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Thomas Hodgkin

''For the British historian, his nephew, with the same name, see Thomas Hodgkin.

Thomas Hodgkin (August 17, 1798 - April 5, 1866) was a British physician and considered one of the most prominent pathologists of his time and a pioneer in preventive medicine. He is now best known for the first account of Hodgkin's disease, a form of lymphoma and blood disease, in 1832. Hodgkin's work marked the beginning of times when a pathologist was actively involved in the clinical process. He was a contemporary of Thomas Addison and Richard Bright at Guy's Hospital.

Life

Thomas Hodgkin was born to a Quaker family in Pentonville, St. James Parish, Middlesex. He received private education and, in September 1819 he was admitted to St. Thomas's and Guy's Medical School, now part of King's College London. He also studied at the University of Edinburgh, Scotland. In 1821, he went to Italy and France, where he learned to work with the stethoscope, a recent invention of René Laënnec. In 1823, Hodgkin qualified for his M.D. at Edinburgh with a thesis on the physiological mechanisms of absorption in animals.

Hodgkin was a close friend of Sir Moses Montefiore and he accompanied him to Palestine in 1866. There he contracted Dysentery and died on 4 April 1866 and buried in Jaffa.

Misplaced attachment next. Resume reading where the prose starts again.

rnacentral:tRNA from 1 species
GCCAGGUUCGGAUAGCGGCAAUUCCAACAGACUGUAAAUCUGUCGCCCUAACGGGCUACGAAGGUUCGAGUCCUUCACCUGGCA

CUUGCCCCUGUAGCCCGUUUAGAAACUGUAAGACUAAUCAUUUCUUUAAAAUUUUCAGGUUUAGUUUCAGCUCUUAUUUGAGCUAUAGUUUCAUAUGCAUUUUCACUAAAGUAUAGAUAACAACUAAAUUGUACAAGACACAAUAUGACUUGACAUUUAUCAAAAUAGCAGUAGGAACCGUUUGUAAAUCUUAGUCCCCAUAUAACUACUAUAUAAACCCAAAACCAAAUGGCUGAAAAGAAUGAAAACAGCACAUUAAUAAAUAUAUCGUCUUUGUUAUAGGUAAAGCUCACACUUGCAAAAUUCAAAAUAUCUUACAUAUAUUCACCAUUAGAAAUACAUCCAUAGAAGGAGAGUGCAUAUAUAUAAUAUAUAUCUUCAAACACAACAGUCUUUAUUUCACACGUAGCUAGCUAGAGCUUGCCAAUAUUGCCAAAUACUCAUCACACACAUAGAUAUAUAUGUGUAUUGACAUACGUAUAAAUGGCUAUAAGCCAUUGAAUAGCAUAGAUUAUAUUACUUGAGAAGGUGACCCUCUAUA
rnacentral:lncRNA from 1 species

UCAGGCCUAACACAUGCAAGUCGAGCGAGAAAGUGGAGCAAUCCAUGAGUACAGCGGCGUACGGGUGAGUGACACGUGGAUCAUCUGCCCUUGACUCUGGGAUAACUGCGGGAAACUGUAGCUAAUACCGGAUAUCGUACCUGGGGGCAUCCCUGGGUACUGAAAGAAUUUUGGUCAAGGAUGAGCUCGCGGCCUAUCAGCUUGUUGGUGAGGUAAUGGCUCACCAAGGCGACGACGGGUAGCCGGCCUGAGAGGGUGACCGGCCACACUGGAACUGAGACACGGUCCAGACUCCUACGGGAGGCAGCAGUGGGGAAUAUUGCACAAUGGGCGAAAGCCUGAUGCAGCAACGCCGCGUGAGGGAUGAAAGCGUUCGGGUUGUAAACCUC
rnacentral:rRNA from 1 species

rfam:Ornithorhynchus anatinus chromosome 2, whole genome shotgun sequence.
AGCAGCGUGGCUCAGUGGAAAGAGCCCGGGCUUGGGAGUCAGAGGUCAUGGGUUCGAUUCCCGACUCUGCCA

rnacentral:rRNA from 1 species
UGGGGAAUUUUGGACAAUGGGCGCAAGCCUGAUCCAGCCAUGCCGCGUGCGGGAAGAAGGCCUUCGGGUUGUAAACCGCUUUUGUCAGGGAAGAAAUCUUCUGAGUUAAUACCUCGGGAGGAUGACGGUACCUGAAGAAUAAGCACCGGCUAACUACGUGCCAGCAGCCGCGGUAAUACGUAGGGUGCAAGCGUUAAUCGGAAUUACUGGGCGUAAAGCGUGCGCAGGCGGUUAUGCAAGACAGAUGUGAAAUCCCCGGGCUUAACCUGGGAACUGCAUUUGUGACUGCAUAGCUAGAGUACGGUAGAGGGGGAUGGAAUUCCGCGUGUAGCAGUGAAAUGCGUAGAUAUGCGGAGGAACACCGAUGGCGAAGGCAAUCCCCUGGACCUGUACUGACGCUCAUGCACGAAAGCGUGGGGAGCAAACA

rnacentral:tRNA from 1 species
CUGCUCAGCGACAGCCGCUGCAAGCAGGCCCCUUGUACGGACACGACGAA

There is a Blue plaque on his house in Bedford Square, London.

Works

Hodgkin described the disease that bears his name (Hodgkin's lymphoma) in 1832, in a paper titled On Some Morbid Appearances of the Absorbent Glands and Spleen . He received 33 years later the eponym through the recognition of British physician Samuel Wilks, who rediscovered the disease. It is a malignancy that produces enlargement of lymphoid tissue, spleen, and liver, with invasion of other tissues. A more benign form is called Hodgkin’s paragranuloma, while a more invasive form is called Hodgkin's sarcoma.

He published as a book his Lectures on Morbid Anatomy in 1836 and 1840. His greatest contribution to the teaching of pathology, however, was made in 1829, with his two volumed work entitled The Morbid Anatomy of Serous and Mucous Membranes, which became a classic in modern pathology.

Hodgkin was one of the earliest defenders of preventive medicine, having published On the Means of Promoting and Preserving Health in book form in 1841. Among other early observations were the first description of acute appendicitis, of the biconcave format of red blood cells and the striation of muscle fibers.

References

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External links

  • WhoNamedIt - Thomas Hodgkin
  • ODNB article by Amalie M. Kass, ‘Hodgkin, Thomas (1798–1866)’, Oxford Dictionary of National Biography, Oxford University Press, 2004 , accessed 22 Sept 2007.

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